Your teaching strategy matters: how engagement impacts application in health information literacy instruction

Heather A. Johnson, Laura C. Barrett


Objective: The purpose of this study was to compare two pedagogical methods, active learning and passive instruction, to determine which is more useful in helping students to achieve the learning outcomes in a one-hour research skills instructional session.

Methods: Two groups of high school students attended an instructional session to learn about consumer health resources and strategies to enhance their searching skills. The first group received passive instruction, and the second engaged in active learning. We assessed both groups’ learning using 2 methods with differing complexity. A total of 59 students attended the instructional sessions (passive instruction, n=28; active learning, n=31).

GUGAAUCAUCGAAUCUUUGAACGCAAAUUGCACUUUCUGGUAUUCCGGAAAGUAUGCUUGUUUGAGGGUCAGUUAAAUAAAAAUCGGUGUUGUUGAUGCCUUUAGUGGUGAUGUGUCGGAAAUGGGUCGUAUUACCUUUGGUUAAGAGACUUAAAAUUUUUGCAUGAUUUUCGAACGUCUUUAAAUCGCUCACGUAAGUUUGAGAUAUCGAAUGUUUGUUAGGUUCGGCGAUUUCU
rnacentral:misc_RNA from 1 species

Results: We found that the active learning group scored more favorably in four assessment categories.

Conclusions: Active learning may help students engage with and develop a meaningful understanding of several resources in a single session. Moreover, when using a complex teaching strategy, librarians should be mindful to gauge learning using an equally complex assessment method.


Teaching; Social Learning; Psychology, Educational; Consumer Health Information; Models, Educational; Information Literacy

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Copyright (c) 2017 Heather A. Johnson

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